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Pretty home speakers!

Cool project also. Thread linked
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Old 12th March 2010, 02:08 AM   #4
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The "secret sauce" in the B&O speaker is clearly the "Acoustic Lens Technology" (ALT) licensed from Sausalito Audio Works (SAW.)

After studying their patents, I have a fairly good grasp of how it works. But first, some background.

Click the image to open in full size.
Click the image to open in full size.
A conventional piston begins to "beam" at a frequency equivalent to it's diameter. For instance, we'd expect a 1" dome to "beam" above 13500hz. (speed of sound/diameter) In the graph above, we see that the "rule of thumb" is true. The dome measures flat on axis, but the response falls quickly off axis.

The reason why this is A Very Bad Thing is that a great deal of the sound that we hear is reflected, and the rolled off response off-axis contributes to the unnatural "hi-fi" sound endemic to conventional loudspeakers.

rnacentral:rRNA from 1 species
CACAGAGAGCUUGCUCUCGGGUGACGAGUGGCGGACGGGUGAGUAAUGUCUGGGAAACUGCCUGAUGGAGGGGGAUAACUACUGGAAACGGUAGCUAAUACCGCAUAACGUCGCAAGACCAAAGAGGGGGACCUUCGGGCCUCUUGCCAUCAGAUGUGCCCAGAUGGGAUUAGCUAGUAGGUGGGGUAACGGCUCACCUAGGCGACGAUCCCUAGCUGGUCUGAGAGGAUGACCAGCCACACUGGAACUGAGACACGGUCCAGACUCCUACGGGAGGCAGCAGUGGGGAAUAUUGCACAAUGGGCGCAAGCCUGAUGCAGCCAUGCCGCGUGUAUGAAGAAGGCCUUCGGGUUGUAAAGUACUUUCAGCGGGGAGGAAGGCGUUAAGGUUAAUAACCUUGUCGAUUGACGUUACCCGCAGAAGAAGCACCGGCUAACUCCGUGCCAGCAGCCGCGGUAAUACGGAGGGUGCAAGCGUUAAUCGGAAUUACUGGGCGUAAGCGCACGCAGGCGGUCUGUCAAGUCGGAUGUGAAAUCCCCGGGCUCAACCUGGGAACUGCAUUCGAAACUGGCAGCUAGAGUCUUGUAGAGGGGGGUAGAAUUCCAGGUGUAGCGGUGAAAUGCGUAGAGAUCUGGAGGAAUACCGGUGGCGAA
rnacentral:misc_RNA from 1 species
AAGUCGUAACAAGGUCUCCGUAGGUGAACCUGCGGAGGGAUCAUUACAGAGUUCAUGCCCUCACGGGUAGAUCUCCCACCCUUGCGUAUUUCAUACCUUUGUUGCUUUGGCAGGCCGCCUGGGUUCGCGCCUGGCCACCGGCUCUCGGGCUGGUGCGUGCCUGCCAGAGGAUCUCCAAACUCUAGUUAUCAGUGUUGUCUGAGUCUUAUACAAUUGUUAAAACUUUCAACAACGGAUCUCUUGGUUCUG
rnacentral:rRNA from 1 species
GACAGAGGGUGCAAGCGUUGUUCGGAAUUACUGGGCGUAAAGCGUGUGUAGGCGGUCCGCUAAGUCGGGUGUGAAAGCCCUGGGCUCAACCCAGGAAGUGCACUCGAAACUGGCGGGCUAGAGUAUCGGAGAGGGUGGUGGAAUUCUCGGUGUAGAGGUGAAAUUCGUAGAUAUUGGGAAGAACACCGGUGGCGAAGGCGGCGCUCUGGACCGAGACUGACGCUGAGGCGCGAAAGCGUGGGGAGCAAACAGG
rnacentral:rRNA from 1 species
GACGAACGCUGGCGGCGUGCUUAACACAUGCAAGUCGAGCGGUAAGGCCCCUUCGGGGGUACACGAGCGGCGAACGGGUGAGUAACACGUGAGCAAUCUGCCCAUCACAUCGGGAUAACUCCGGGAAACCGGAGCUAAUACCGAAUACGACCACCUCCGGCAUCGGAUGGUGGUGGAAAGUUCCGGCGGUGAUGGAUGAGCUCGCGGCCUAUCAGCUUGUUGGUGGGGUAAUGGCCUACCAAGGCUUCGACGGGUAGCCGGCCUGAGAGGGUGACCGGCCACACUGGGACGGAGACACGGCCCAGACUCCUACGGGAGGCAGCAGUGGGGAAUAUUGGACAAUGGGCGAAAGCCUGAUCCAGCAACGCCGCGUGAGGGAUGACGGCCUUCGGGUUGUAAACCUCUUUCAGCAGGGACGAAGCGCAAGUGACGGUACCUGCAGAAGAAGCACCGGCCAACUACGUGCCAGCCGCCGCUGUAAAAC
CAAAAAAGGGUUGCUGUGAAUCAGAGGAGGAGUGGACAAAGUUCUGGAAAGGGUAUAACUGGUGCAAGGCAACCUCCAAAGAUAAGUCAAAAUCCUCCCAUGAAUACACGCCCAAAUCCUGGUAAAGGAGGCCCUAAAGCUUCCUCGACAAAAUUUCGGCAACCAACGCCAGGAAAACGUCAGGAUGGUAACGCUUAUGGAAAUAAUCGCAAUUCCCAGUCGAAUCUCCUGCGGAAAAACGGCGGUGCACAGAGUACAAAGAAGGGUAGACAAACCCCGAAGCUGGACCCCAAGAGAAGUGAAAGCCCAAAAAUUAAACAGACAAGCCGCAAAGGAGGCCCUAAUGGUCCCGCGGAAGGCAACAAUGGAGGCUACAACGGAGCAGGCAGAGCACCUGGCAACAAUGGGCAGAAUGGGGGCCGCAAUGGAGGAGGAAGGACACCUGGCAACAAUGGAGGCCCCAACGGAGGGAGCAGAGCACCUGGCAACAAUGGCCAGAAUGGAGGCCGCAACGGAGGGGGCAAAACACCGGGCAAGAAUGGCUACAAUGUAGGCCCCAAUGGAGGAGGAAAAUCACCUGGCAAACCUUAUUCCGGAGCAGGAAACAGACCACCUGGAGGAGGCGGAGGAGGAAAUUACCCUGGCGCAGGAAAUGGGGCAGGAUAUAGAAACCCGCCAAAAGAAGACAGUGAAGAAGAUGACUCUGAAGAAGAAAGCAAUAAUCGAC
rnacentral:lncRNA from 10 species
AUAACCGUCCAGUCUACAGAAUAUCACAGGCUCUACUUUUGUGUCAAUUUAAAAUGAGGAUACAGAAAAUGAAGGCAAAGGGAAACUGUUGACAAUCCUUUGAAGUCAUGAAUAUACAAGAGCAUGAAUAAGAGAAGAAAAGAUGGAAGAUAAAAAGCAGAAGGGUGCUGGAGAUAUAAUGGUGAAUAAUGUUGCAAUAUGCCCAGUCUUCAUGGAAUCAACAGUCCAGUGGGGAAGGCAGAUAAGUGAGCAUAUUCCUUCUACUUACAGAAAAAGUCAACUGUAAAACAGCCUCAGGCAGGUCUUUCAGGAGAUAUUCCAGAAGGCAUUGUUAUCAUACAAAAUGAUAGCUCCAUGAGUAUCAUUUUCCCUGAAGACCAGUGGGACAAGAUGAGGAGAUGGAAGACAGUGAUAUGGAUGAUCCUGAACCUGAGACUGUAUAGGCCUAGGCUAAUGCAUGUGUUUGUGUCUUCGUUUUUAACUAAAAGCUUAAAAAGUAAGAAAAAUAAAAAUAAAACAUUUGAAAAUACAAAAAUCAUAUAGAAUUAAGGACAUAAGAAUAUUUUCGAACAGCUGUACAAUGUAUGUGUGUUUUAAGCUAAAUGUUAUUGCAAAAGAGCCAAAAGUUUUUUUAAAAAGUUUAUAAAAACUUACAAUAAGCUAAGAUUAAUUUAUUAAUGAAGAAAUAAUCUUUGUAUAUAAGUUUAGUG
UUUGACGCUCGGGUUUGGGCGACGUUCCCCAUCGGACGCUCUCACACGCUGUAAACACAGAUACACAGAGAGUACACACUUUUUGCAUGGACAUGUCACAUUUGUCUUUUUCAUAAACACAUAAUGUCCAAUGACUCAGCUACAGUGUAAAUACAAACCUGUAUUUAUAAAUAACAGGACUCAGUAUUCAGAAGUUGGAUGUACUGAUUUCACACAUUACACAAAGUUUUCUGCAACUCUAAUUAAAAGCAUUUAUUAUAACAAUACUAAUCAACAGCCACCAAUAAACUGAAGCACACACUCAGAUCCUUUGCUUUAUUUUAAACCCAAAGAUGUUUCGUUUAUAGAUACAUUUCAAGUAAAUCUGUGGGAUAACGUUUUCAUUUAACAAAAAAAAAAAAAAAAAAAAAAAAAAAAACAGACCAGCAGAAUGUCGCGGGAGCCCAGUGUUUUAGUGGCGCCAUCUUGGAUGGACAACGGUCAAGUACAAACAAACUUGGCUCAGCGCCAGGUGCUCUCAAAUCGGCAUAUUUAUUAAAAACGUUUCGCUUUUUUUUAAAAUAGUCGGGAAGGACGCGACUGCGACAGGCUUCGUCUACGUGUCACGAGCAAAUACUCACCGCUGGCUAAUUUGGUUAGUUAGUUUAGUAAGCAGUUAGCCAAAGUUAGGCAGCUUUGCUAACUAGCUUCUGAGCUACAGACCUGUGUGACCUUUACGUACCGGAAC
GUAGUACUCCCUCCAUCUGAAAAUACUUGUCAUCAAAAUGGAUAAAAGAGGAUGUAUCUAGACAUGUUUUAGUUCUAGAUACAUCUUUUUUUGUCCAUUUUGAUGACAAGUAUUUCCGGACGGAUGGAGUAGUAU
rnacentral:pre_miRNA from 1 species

Click the image to open in full size.
Click the image to open in full size.
Waveguides have been discussed in-depth on this forum, and they're an excellent solution. In the graphs above, we can see that the on and the off-axis response of a waveguide is consistent. This helps to create a realistic soundstage, and reduce listening fatigue. Unfortunately, waveguides are BIG, and there's no getting around that.

Or is there?

From what I read in the patents, I believe the SAW acoustic lens is small because it works over a narrow bandwidth.

Click the image to open in full size.
The measurements above show the polar response of the ALT device. The top pic is the response at 20khz, and the 2nd is at 10khz. You can see that the response off-axis is stable out to 90 degrees.

On the other hand, the waveguide in my home speaker words down to 900hz. 900hz is 15" long, and that's why the waveguide is that big. From what I'm seeing in the SAW patents, their lens isn't working at all frequencies. It's basically tuned to work at frequencies where the piston is beaming.

For instance, the 1" Scan Speak tweeter is beaming from 14000 and up; therefore you only need a lens that works in that narrow range, just a fraction of an octave. In the rest of it's range, it's basicaly omnipolar, and no lens is needed.